I’ve been speaking with a lot of people who are looking at opening a VR Arcade and That. Is. Awesome.
The more conversations I have, the more I hear the same questions. When I was coaching people about their “content strategy” they would always say “I don’t know what to write about”. I would tell them, “Write the answers to your Frequently Asked Questions (FAQs). So without further adieu, here are 12 things you need to know…
The first thing you need to consider is what sort of VR Arcade will you be opening? Will it just have headsets and allow people to play games on the HTC Vive or will you offer something people can’t get at home like this?
I must admit this is a bit of a trick question in my mind. As it stands today 99+% of the population has neither of these things at home. So for now, either is the right answer. My suggestion is start simple and be prepared to add to it. People will be blown away by what’s available in the Vive today. And with all of the available experiences you can start by opening a smaller arcade and use that money to invest in opening one with fancier technology.
I know you’re busy thinking about the point above. Once you figure that out, you’ll have a better idea on how to answer this. In short, a typical “Vive Booth” requires a minimum of 8 feet by 8 feet (2.5 m x 2.5 m). If you have a little more space, all the better. (Check out this post about VR Arcade Design). You will also need room for some seating, check in and a lobby. So a very small arcade will be at least 800 square feet (250 sq meters). If you want to add the pods like pictured above or get into free roam experiences (see below: computer in a backpack so it’s portable VR) you will need WAY more space.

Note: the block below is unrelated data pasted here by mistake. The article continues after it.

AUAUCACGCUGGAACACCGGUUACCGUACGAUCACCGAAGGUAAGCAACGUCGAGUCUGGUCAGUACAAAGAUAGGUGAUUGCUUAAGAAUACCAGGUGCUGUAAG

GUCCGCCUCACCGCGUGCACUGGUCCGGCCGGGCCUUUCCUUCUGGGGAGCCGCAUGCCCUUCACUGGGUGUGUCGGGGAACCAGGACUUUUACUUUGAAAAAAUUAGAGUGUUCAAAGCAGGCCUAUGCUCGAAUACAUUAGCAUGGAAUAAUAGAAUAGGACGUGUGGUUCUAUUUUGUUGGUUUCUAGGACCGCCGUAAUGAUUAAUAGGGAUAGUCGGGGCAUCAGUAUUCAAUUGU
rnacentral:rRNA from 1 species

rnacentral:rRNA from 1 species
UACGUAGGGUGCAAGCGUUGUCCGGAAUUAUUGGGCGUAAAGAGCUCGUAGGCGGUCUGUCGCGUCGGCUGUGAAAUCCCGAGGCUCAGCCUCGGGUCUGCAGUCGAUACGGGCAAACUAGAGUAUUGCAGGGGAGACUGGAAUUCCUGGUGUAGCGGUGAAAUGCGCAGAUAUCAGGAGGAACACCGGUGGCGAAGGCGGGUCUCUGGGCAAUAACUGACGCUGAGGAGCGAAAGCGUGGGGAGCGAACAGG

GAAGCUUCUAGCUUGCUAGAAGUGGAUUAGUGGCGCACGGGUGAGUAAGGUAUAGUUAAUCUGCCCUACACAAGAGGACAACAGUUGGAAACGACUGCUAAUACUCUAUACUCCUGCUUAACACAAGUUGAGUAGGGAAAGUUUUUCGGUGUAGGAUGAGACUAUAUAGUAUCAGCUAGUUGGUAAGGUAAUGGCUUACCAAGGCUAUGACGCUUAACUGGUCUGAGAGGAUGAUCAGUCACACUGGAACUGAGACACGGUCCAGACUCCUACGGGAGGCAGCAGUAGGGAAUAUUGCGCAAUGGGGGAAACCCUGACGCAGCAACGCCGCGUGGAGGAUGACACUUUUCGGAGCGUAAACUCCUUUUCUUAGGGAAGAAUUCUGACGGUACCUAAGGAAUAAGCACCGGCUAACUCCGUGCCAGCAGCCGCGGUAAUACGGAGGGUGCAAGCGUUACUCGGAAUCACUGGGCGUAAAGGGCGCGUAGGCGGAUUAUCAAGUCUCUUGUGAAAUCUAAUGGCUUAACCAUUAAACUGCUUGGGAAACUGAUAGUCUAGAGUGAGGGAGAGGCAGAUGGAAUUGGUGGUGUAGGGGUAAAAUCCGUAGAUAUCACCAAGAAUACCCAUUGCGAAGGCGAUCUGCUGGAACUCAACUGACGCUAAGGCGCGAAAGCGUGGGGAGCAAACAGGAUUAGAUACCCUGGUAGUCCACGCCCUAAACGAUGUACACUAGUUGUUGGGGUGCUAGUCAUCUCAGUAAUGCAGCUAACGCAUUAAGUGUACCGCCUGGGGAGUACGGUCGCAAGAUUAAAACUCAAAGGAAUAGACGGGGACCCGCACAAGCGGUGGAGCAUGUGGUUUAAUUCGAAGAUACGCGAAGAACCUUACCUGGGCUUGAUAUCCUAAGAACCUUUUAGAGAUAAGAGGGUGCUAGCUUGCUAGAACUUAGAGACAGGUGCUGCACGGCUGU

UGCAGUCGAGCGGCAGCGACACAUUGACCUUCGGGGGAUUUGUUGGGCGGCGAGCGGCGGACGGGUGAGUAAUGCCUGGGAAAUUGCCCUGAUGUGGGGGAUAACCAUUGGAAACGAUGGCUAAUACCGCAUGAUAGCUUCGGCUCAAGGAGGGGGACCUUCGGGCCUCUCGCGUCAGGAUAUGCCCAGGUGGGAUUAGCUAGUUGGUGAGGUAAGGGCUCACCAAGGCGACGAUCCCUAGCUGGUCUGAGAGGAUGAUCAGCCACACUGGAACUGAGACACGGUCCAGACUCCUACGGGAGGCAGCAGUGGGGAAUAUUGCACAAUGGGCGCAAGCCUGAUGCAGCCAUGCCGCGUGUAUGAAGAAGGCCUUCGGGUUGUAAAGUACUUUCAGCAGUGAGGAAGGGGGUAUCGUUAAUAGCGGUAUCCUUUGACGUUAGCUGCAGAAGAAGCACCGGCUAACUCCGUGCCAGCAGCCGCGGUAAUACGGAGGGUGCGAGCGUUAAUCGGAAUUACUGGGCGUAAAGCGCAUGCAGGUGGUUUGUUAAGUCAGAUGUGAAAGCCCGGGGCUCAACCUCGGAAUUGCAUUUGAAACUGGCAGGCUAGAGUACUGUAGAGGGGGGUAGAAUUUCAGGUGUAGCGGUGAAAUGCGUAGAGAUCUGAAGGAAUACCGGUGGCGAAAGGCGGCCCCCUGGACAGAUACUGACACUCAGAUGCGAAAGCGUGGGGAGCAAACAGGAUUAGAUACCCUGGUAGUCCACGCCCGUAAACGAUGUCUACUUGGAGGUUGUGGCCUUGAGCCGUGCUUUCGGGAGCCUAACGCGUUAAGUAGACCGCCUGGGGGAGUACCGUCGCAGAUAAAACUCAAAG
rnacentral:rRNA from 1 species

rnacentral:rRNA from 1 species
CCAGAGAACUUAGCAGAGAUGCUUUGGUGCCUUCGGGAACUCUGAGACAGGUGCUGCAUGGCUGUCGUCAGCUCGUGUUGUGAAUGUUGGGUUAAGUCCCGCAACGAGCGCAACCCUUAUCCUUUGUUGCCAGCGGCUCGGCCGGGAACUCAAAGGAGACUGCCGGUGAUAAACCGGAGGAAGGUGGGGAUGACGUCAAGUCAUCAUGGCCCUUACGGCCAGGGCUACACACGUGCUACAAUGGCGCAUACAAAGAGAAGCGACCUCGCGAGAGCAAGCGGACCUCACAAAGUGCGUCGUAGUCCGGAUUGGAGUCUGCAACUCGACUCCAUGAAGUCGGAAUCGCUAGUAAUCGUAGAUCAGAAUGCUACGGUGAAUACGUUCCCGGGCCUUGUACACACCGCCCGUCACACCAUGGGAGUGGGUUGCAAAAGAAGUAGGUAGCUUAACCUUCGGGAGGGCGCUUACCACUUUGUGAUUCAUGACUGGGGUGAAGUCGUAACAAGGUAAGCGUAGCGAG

You’re going to have costs associated with the technology (hardware, software, TVs, tablets, cabling, etc.) installation, design and construction of your space, rent, game fees, license fees, furniture, marketing and employees. Sounds fun, right? Some of these costs are 1 time charges and don’t amount to that much. Other charges are ongoing. Game licensing for instance…the more successful your arcade is, the more you will have to pay. Not a horrible problem to have. I’ll tell you what, I’ll write a more detailed post on costs if anyone asks.
When I was researching building out an arcade here in Detroit I had budgeted $70,000 to get the build out, equipment, software and have a bit of a cushion. If I didn’t get any business in the first 45 days, I wouldn’t have to worry about the 3rd month. I would have been closed up. Curious about learning from the other VR Arcade owners. How much did you budget for your opening?